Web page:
The Mind Behind America's Most Empathetic Cartoon "Steven Universe" is a ratings juggernaut on Cartoon Network. It's also the network's first show created solely by a woman. The Emmy-nominated series closed its fifth season with a wedding between two female-identifying characters. We talk to showrunner Rebecca Sugar about love, hate and the courage to be "strong in the real way."

There may even be a song (or two).

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The Mind Behind America's Most Empathetic Cartoon

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The Mind Behind America's Most Empathetic Cartoon

1A

The Mind Behind America's Most Empathetic Cartoon

The Mind Behind America's Most Empathetic Cartoon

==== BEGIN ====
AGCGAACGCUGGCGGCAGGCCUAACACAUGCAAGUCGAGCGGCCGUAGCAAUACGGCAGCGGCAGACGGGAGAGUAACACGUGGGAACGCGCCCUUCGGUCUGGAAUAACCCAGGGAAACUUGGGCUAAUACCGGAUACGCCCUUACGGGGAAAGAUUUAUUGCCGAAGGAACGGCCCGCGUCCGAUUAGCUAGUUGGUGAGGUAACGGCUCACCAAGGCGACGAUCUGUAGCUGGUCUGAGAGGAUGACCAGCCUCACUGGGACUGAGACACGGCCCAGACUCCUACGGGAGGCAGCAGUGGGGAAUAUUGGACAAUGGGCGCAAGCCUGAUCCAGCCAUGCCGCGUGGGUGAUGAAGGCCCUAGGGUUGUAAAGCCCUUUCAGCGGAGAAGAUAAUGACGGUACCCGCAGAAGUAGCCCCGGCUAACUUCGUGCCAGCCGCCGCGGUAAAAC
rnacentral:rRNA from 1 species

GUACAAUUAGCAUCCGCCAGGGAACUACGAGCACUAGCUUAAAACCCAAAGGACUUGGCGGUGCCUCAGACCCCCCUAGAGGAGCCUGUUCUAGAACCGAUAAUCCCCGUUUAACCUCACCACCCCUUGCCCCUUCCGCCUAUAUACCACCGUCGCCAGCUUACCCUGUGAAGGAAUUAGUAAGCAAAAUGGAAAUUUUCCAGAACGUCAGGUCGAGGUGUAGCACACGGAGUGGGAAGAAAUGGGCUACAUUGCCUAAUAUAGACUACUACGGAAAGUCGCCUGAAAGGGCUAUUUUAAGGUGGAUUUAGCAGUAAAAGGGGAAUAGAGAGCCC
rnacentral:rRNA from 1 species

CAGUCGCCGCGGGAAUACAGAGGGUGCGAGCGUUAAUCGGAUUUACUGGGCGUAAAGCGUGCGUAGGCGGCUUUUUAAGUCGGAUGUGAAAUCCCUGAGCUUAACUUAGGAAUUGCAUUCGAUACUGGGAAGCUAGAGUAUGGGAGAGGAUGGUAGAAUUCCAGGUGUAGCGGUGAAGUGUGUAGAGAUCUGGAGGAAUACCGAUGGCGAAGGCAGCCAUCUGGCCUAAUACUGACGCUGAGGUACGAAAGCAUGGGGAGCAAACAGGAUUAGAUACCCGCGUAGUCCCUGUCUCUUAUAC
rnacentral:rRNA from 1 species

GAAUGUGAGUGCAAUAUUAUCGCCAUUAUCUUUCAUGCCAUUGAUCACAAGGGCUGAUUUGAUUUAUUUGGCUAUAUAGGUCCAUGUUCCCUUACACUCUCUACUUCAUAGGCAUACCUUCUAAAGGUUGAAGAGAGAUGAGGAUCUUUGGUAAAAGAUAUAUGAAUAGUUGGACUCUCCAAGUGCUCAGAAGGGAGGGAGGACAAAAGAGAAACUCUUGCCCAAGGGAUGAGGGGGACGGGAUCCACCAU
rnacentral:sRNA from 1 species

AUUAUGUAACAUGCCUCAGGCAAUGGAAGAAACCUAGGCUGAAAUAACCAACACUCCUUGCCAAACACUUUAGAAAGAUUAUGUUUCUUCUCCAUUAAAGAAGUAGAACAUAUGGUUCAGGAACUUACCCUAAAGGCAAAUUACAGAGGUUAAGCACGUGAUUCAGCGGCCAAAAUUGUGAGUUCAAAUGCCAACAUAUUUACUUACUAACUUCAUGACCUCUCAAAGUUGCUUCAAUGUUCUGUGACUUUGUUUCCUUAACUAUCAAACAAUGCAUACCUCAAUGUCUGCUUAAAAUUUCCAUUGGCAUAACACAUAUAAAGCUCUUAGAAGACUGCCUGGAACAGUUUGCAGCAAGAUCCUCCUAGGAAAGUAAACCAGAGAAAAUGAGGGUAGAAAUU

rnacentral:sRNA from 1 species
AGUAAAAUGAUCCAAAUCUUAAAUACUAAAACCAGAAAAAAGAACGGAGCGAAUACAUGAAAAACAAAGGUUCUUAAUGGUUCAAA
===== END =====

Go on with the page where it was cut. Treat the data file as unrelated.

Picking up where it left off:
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  • <iframe src="https://www.npr.org/player/embed/628885509/628964054" width="100%" height="290" frameborder="0" scrolling="no" title="NPR embedded audio player">

Animator, director, screenwriter, producer, songwriter — Rebecca Sugar is a true Renaissance woman.

The 31-year-old Maryland native is the force behind "Steven Universe," the first Cartoon Network show created independently by a woman. The show is now in its fifth season and has become a cartoon empire — spawning video games, spin-off videos and even a double-sided album.

"Steven Universe" is about three gem-powered female aliens and the half-alien, half-human boy they raise. While it may appear to be pure fantasy, it's actually an ode to people and places from Sugar's own life, peppered with musical numbers. The protagonist, Steven, is modeled after Sugar's own brother (also named Steven), who works as a background artist on the show.

Sugar sits down with us to discuss the show's unexpected success, and the emotional impact it's had on fans — particularly in the LGBTQ+ community.